Mammalian telomere proteins and their functions

The telomere binding complex in humans is known as Shelterin because it "shelters" the telomere from degradation, erroneous repair, and inappropriate telomere length regulation. Shelterin is comprised of six proteins Pot1, Tpp1, Trf1, Trf2, Rap1, and Tin2. All except Rap1 are essential, although their functions vary widely.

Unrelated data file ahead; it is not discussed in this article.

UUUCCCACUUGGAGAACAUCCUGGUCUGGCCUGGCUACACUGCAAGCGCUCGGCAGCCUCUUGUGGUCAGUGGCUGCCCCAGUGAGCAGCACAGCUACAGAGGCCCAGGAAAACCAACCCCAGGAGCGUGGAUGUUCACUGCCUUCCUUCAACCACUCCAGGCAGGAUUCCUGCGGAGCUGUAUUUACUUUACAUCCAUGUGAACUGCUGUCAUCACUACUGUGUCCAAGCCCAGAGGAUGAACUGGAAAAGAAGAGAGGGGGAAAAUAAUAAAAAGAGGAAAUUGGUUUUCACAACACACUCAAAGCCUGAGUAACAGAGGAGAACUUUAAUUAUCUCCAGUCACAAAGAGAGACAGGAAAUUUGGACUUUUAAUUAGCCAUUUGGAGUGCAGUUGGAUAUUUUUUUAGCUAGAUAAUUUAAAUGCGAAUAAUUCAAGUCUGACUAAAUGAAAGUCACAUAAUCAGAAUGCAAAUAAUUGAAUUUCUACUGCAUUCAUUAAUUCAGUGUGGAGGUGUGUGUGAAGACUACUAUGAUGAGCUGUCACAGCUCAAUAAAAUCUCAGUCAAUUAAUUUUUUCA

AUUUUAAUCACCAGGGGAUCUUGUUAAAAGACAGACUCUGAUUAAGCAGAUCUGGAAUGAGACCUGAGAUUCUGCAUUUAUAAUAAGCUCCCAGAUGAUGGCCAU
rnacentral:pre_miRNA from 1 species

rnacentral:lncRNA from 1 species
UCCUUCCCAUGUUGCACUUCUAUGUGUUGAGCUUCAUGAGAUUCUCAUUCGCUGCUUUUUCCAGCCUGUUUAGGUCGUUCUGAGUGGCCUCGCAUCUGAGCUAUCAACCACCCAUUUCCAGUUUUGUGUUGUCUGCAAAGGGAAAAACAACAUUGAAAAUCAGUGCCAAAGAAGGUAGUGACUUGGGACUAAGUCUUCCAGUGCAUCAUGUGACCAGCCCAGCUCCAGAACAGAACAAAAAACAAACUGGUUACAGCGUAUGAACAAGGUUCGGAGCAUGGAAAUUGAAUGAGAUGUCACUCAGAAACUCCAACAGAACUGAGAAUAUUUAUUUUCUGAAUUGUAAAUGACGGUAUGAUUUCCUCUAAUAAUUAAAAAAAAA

In humans, the G-overhang binding protein is Pot1, for Protection of Telomeres 1. In these cells, the dominant role of Pot1 is the regulation of telomere length; however it also participates in the prevention of a DNA damage response via ATR activation. Pot1 contains single-strand nucleic acid binding motifs, known as OB-folds, which interact directly with the telomeric G-strand. The DNA damage response observed with depletion of Pot1 results in the accumulation of the single-strand binding protein RPA on the telomeric overhang. RPA binds to uncoated, single-stranded DNA with no sequence specificity and its accumulation can trigger the DNA damage response via ATR recruitment. ATR accumulation at the G-overhang indicates that Pot1 competes with RPA for binding to this single-stranded substrate. Interestingly, in-vitro, RPA has a higher, or at least a similar, affinity for the telomeric single-strand sequence as Pot1 suggesting that other factors are involved in the ability of Pot1 to protect the overhang from activation of ATR. Indeed it has been shown that the interaction of Pot1 with Tpp1, as well as their interaction with Tin2, is required for Pot1’s ability to antagonize RPA binding, and thereby for its protective functions at the overhang. Recent studies have also shown that secondary structure, in the form of a G-quadruplex, also enhances the ability of Pot1/Tpp1 to compete with RPA for overhang binding.